The gradual pace of 5G infrastructure upgrades means AT&T and Verizon’s one-month delay isn’t likely to significantly alter their bottom lines, according to industry executives. But a longer pause could pressure the carriers. Verizon, which recently said more than a quarter of its users had upgraded to a 5G-capable smartphone, is counting on C-band frequencies to address the mounting demands from its customers’ appetite for app downloads, games and streaming video.
“A month doesn’t make that much of a difference,” said Harold Feld, a telecom industry specialist at Public Knowledge, a Washington-based tech advocacy group. “What makes a difference is when it starts to look indefinite. Then you get to a situation where a whole investment cycle gets blown up.”
Aviation industry groups have been warning federal officials about what they believe are potential safety implications from the new 5G service and potential economic fallout, according to people familiar with the matter.
A presentation by a coalition of aviation groups to White House officials was expected this week to warn that the potential FAA restrictions could result in airports or even regions being shut down as passengers and shippers experience flight cancellations, delays and diversions, according to a draft of the presentation seen by The Wall Street Journal.
The FAA had been expected to issue official mandates, known as airworthiness directives, that would restrict flights in U.S. airspace that require gauges known as radio altimeters that measure the distance between aircraft and the ground, according to a recent draft of a directive viewed by The Wall Street Journal.
The FAA and FCC have been tussling over the issue for months, though the plan to use the spectrum for cellular networks goes back several years. The FAA has sought specific data about 5G towers’ locations, power and angles to determine whether they could interfere with planes’ glide paths on final approach.
“At this time, the FAA has no way of determining which airports or areas within the U.S. have or will have 5G base stations or other devices that could provide interference with airplane systems,” according to the FAA directive draft. The draft added that such interference “could lead to loss of continued safe flight and landing.”
Earlier this week the FAA issued a special bulletin to pilots, airlines and aerospace manufacturers warning of the potential for 5G interference.
The FCC set its rules for use of the spectrum in early 2020 after reviewing the potential impact on aviation, creating a “guard band” as a buffer between the two uses. Some airplane equipment operates in nearby frequencies, between 4.2 and 4.4 GHz.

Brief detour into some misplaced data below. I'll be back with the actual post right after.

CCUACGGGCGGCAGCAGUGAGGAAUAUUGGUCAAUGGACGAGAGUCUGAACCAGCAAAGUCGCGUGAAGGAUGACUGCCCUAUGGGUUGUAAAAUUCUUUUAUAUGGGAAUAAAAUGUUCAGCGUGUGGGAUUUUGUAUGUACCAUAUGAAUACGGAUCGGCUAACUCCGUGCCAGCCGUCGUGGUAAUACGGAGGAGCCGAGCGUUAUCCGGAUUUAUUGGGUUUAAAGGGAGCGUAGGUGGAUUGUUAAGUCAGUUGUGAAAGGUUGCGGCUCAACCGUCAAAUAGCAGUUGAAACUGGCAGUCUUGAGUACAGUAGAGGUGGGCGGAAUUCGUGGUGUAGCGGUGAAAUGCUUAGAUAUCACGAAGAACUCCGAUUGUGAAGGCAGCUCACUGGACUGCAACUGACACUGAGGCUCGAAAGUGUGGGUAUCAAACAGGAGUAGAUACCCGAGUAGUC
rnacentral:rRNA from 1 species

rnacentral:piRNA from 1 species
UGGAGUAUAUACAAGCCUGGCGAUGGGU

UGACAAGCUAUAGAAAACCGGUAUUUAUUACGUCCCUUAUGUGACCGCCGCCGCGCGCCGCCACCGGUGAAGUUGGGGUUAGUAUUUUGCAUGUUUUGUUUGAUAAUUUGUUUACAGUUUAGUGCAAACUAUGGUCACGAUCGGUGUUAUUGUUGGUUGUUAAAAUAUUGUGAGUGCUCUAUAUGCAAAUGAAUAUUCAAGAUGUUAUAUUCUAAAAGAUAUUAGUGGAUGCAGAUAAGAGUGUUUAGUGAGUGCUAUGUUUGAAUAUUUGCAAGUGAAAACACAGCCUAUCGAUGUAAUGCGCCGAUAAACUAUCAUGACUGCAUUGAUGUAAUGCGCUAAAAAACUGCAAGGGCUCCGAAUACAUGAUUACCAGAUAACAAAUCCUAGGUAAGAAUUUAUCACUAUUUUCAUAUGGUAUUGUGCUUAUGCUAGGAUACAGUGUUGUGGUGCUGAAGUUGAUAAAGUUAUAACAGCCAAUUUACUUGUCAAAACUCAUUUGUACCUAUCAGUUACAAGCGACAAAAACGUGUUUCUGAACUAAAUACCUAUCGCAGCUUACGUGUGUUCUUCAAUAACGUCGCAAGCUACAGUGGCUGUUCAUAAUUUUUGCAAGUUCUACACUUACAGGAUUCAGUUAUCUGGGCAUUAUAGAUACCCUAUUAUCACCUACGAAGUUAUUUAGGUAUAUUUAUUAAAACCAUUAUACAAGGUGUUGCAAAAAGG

The FCC reviewed various industry studies about the safety risks and said in its March 2020 order that “well-designed equipment should not ordinarily receive any significant interference (let alone harmful interference).” The commission later issued new licenses that allowed wireless companies to start operating in parts of the C-band on Dec. 5 of this year, in addition to other frequencies already in use for 5G.
Write to Andrew Tangel at Andrew.Tangel@wsj.com and Drew FitzGerald at email@example.com
Copyright © 2021 Dow Jones & Company, Inc.
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|From: Ms. Baby Boomer||1/2/2022 6:23:10 PM|
|AT&T, Verizon CEOs reject U.S. request|
for 5G deployment delay...
WASHINGTON (Reuters) -The chief executives of AT&T (NYSE: T) and Verizon Communications (NYSE: VZ) rejected a request to delay the planned Jan. 5 introduction of new 5G wireless service over aviation safety concerns but offered to temporarily adopt new safeguards.
U.S. Transportation Secretary Pete Buttigieg and Federal Aviation Administration chief Steve Dickson had asked AT&T CEO John Stankey and Verizon CEO Hans Vestberg late Friday for a commercial deployment delay of no more than two weeks.
The wireless companies in a joint letter on Sunday said they would not deploy 5G around airports for six months but rejected any broader limitation on using C-Band spectrum. They said the Transportation Department proposal would be "an irresponsible abdication of the operating control required to deploy world-class and globally competitive communications networks."